So the answer to the question of who killed Jesus is not the Jews, or the Romans, or Pilate, but God.  God the Father killed Jesus in order that by His death, many would be made alive.  The death of Jesus is the greatest act of love the universe has ever seen.  Jesus says in John 15:13, “Greater love no one has than this, that someone lay down his life for his friends”  That we would be called friends of God as sinners and then God sacrifice His life for us is astonishing!  But that is not where the story ends.  Easter is just a few days away and it is appropriate that we celebrate the fact that Jesus was raised from the dead.  After three days in the grave Jesus rose again to life!  This ensures for us that Jesus’ sacrifice for our sin was accepted by God and that we are guaranteed to be resurrected like Him if we believe in His death.  Surely there is nothing in me that is worthy of such a deed by God so I am convinced that it is purely of grace that I have faith in this marvelous promise!

So this weekend remember that God sent Jesus on a rescue mission to pay your punishment for your sins so that you wouldn’t have to.  Reflect on the truth of the gospel and marvel at the unfathomable love that Jesus would lay down His life to save yours!

A Must See/Listen!

I just listened to a really great message from Pastor Mark Driscoll from Mars Hill Church in Seattle, WA.  It’s called “The Coming of the Kingdom”.  It is a part of Mars Hill’s sermon series on the book of Luke.  This message is part 71 of the 2 year series.  If you want to listen to the previous 70 sermons go ahead, it’ll only take you 176,359 hours!  I would strongly recommend this sermon for preparation for Good Friday and Easter.  Click on http://www.marshillchurch.org/media/luke/the-coming-of-the-kingdom to listen/watch the sermon.  That is all!

Holy Week

Yesterday was the first day of what the Christian calendar calls “Holy Week”.  Beginning with Palm Sunday which remembers Jesus’ triumphant entry into Jerusalem on the back of a donkey.  In the space of a week Jesus will experience exaltation at the gates of the city to despite and humiliation at the governor’s mansion.  It all begins with Jesus humbly riding in on a donkey with people laying down palm branches on His path while saying “Hosanna!  Baruch haba b’shem Adonai” which means “Blessed is He who comes in the name of the Lord!”  The people of Jerusalem were excited to receive their king who was going to free them from the oppression of the Roman occupation.  They had messed up beliefs about the Messiah and what He would accomplish.  However, when it became clear that Jesus was not going to lead a rebellion against the Roman rule He quickly falls out of favor with the public and attracts a lot of negative attention from the Pharisees and Sadducees with His teachings about the Kingdom of God.  The people assumed that Jesus would declare Himself king and restore Israel to its former greatness and usher in the Kingdom on earth.  The Jews had always had a nationalistic view of the Messianic mission and it led them to assume that they were the only people the Messiah would come for.  Assuming their righteous standing with God because of their chosen status with God.  They were God’s chosen people from among the nations of the world so the Messiah would be on their team and save them from the other nations, not themselves as Jesus taught.  Their national pride was one of the causes for their blindness to the real mission of Jesus.  Jesus taught from the beginning that He would die in the place of sinners and referenced many Old Testament scriptures as proof of His lordship and mission.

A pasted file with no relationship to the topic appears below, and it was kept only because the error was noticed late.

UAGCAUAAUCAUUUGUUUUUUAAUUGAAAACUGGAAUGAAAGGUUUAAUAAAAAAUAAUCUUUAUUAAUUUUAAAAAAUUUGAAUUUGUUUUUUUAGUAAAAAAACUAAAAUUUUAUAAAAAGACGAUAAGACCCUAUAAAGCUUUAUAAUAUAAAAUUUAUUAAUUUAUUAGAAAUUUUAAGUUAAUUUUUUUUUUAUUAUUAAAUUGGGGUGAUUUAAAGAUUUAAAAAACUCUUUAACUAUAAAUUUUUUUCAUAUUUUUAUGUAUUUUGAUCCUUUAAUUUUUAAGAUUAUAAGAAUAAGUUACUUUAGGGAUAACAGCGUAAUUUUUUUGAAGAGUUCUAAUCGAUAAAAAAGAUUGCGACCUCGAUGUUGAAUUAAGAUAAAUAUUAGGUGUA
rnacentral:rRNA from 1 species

We are all in the same position as the people of Jerusalem who were blind to their own personal need of a Messiah.  The real problem was that we have sinned against a holy God and our sins deserve to be punished.  The punishment for our sins is an eternity in hell.  One sin against an eternal God requires an eternal punishment.  Each one of us is steeped in sin from the moment we’re born and are completely incapable of doing anything righteous in the sight of God.  But Jesus, being God, was sent from heaven to live a sinless life and die in the place of sinners so that He would be punished by God instead of us.  God punished Jesus on the cross to the full extent deserved for every human who would be saved.  Only an eternal soul like the one in Jesus could bear the eternal aspect of the wrath for sins.  So for three hours God relentlessly poured out wrath upon wrath on Jesus in our place.  Because of this substitution those who place their faith in Jesus are forgiven because there is no judgment left for them.  On top of that, Jesus was raised from the dead and gave us the righteousness He achieved during His life so that we can have a righteous standing before God until the day we meet Him in the eternal afterlife.